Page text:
Would you give up your faith? Living forever does not quite fit with the Bible. Being able to copy the human conscience into machines seriously undermines faith. I think this is a bit of a reverse Pascal’s wager: if living forever being possible means there is no God, then it’s better to try to live forever. If you fail, you could still go to heaven (That is, unless God decides to punish the doubters, but I don’t think God works like that). Otherwise, you’re still alive. If you’re an atheist, this is not a problem for you. But for theists, faith may be an integral part of their lives. An immortal life without meaning – is that a life at all? Nevertheless, I would rather wrestle with the existential implications of a very long-lived life than have no life at all. I would, after-all, have a very long time to figure things out.

Would you give up those closest to you? What if your spouse felt the path to immortality was wrong, immoral, or for some reason the therapies would not work on them? Would you carry on your life alone? I think I would. Life goes on, after all.

I do not know if humans will ever be able to achieve an indefinite lifespan. I am also not particularly keen on being the first guinea pig for these therapies. However, if they become viable, and if I can afford them, I will be standing in line. I am of course just presenting just one point of view (a mostly rational one, I think). I find the religious questions raised by the possibility of immortal or artificial life interesting, but I am not about to give up Faith any time soon.

If the devil offered me forever
	I would consider
If I could pay for a drink from the water of life
	I would sell all I had
If I had to give up bread and drink your blood instead
	I could do that
If I had to live in a body of metal and circuits, without limbs
	I would, if it delayed oblivion
If I had to leave you behind, if I had to leave everyone behind
	my heart would break, but I would do it
I would take
	eternal life
	jump into the singularity
even if it cost me
	Faith and Heaven
		yes, even the reality of my soul

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Why I don’t drink

It somehow happened that I effectively became a teetotaller. Except for an occasional sip of wine (usually proffered by someone else), I consume no alcohol. I have no religious reason for such abstinence – Jesus famously turned water into wine, after all. My choice is a (possibly exaggerated) reaction to the countless people who consider getting wasted a sensible way to pass the time.

Reasons I don’t drink

  1. my liver loves me for it (yes, yes, I know a small amount of alcohol is good for you, but see the next point).
  2. I am staging a protest – the one who doesn’t drink gets noticed, possibly ridiculed, or complimented, or perhaps just curiously probed as to his motives. All this is good and makes it known that I support a more sensible way of life.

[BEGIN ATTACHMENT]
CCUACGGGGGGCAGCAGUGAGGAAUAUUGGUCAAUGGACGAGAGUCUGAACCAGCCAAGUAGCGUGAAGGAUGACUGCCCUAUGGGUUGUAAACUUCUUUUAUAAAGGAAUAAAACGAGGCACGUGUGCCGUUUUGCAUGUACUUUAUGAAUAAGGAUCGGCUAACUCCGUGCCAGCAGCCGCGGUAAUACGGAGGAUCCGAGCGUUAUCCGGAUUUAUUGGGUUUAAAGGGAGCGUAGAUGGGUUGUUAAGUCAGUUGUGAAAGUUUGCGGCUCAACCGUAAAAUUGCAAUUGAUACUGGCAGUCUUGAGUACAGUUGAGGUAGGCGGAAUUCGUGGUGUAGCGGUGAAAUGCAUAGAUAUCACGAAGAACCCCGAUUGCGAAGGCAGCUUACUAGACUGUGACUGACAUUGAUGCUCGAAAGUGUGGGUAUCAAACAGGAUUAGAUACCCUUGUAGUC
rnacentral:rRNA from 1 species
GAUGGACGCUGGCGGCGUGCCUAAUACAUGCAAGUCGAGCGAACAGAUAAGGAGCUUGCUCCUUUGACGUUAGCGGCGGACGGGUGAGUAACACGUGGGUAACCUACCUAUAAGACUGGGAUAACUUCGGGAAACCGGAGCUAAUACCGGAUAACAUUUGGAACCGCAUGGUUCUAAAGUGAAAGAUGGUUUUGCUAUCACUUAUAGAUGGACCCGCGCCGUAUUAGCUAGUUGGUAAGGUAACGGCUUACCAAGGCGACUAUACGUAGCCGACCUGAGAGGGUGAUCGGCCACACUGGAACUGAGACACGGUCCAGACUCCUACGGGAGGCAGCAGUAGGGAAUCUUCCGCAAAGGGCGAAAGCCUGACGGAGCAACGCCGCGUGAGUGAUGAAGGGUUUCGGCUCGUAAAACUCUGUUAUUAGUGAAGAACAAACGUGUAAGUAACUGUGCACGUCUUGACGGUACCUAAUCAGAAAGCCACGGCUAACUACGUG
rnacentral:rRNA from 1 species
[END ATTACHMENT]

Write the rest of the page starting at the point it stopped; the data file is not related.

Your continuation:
3. Drunk people are not funny or interesting. They’re pathetic and disgusting.
  4. Being drunk makes you a danger to yourself and others. (Surely I do not need to elaborate)
  5. Drunk people do stupid things like dance on tables and hooking up with strangers.
  6. I have a bad enough memory as it is; I don’t need to wake up with a hangover wondering what I did the night before.
  7. I can feel honourable, misunderstood and superior, and relish every moment of it.
  8. Drinking in excess is vulgar, uncultured, and childish.
  9. Alcohol is expensive. Copious amounts of alcohol are more expensive.

These reasons are all well and good, but the number one reason that I do not drink is this:

10.   I am absolutely terrified of not being in complete control of my every action.

I do not understand why people seek the release of drugs and alcohol. I do not see why they want to give control of their life, even if temporarily, to the intoxicating influence of these substances. From an economic perspective I cannot judge them, of course – let them do what brings them the most satisfaction.

I have been under the influence of valium (or something similar) once or twice in my life when I had to undergo operations. I hated every second of it. I was aware of my mind numbing, of my will to control myself subsiding, burying itself somewhere, going to sleep and refusing to wake up. It was an artificial calm that came upon me – a calm caused by the inability of my fearful, jittery self to communicate with the rest of me. It was horrible.

I admit that there is nothing inherently immoral about being drunk or stoned (Go lock yourself in a padded room where you can’t do anyone any harm when you want a smoke). But to me it seems that seeking this release from your life, from your responsibilities, is just setting aside, temporarily, things you need to deal with in any case. Go watch a movie – that seems a far more sensible means of temporary distraction.

To always be present, to always be responsible for everything you do, this seems to me a far nobler way to live. I cannot hope to convince anyone else of this – but neither can anyone else convince me otherwise.

Arguments I have heard:

  1.  Aren’t you curious? Yes, I am very curious. I’m also curious as to how dying feels. Not going to try that any time soon.
  2. I only drink until I’m tipsy, just to be more sociable. If you need alcohol to loosen your tongue – perhaps you should go see a psychologist rather than say stupid things to other drunk people.
  3. It’s fun, for everyone. Good for you. Go have “fun”.

For more or less the same reasons as mentioned above, I will not do drugs and I will not allow myself to be hypnotised. I seriously do not understand why hypnotists get any volunteers. What on Earth are they thinking? (The only experience they get out of it is people telling them after the fact how stupid they looked. Who wants that?) As for all those people who sensibly use alcohol, that is to say, in moderation, I have no quarrel with you.